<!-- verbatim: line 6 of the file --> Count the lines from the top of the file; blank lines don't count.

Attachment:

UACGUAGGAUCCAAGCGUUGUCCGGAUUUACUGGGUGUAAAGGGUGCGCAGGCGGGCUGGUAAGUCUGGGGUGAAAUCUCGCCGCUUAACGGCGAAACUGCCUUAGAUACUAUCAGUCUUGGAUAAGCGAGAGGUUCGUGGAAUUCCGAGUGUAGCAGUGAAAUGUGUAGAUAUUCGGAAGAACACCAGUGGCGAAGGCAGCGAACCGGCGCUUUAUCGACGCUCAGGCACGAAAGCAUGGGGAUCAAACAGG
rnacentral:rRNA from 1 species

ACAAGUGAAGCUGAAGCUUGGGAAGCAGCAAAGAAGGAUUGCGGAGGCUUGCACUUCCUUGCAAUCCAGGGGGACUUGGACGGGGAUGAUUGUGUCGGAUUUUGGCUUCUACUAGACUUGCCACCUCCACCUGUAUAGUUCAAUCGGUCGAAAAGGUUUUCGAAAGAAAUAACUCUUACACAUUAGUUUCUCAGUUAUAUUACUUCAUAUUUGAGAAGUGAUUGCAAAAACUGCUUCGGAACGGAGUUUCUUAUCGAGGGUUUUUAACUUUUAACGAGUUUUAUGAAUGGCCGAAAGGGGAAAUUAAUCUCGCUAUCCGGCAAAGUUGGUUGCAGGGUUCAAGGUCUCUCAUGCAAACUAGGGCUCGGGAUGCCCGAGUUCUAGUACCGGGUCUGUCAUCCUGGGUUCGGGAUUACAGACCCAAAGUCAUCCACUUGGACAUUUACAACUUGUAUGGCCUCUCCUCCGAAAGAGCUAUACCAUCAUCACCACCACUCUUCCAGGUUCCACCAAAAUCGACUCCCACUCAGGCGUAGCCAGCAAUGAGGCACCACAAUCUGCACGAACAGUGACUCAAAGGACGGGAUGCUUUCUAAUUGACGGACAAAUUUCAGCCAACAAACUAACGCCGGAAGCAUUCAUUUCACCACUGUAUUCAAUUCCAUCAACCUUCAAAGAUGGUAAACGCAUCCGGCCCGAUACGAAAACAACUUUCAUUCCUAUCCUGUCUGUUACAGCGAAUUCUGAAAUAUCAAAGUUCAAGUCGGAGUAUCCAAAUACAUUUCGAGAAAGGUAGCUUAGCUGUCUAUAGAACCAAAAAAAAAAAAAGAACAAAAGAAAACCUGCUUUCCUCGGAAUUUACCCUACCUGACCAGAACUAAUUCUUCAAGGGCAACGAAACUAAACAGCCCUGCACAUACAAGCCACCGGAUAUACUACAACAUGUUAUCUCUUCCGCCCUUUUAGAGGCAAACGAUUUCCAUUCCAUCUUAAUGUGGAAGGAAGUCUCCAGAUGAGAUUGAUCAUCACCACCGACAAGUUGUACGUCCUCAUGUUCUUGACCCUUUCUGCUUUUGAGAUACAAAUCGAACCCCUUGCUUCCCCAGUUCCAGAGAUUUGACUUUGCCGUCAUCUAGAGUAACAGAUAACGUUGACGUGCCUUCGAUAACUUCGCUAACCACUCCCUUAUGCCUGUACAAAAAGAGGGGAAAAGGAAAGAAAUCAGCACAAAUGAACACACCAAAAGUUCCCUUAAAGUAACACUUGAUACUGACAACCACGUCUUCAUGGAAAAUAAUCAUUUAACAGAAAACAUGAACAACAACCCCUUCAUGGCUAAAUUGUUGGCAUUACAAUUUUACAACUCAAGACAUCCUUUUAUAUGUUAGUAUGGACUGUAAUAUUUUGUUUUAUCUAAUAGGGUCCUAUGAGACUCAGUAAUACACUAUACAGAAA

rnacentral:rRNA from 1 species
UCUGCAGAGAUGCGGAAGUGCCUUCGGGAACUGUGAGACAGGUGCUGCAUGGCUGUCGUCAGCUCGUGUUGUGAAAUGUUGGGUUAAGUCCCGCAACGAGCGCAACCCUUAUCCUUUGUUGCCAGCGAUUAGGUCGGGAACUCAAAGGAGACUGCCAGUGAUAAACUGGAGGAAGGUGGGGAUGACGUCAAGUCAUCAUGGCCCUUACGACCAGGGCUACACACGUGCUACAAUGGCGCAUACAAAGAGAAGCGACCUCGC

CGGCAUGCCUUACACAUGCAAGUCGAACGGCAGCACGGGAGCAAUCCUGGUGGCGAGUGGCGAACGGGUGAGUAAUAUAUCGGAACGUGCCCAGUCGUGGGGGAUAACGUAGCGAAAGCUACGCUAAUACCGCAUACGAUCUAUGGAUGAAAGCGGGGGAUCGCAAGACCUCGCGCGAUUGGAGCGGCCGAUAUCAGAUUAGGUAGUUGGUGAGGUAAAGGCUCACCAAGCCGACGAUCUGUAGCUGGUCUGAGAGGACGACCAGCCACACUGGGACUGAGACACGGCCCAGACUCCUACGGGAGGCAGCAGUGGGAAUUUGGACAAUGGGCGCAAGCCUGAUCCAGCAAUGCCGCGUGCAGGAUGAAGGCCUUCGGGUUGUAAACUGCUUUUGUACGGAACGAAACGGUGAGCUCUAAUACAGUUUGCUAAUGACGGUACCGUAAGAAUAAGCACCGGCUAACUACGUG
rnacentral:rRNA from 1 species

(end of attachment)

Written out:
CGGCAUGCCUUACACAUGCAAGUCGAACGGCAGCACGGGAGCAAUCCUGGUGGCGAGUGGCGAACGGGUGAGUAAUAUAUCGGAACGUGCCCAGUCGUGGGGGAUAACGUAGCGAAAGCUACGCUAAUACCGCAUACGAUCUAUGGAUGAAAGCGGGGGAUCGCAAGACCUCGCGCGAUUGGAGCGGCCGAUAUCAGAUUAGGUAGUUGGUGAGGUAAAGGCUCACCAAGCCGACGAUCUGUAGCUGGUCUGAGAGGACGACCAGCCACACUGGGACUGAGACACGGCCCAGACUCCUACGGGAGGCAGCAGUGGGAAUUUGGACAAUGGGCGCAAGCCUGAUCCAGCAAUGCCGCGUGCAGGAUGAAGGCCUUCGGGUUGUAAACUGCUUUUGUACGGAACGAAACGGUGAGCUCUAAUACAGUUUGCUAAUGACGGUACCGUAAGAAUAAGCACCGGCUAACUACGUG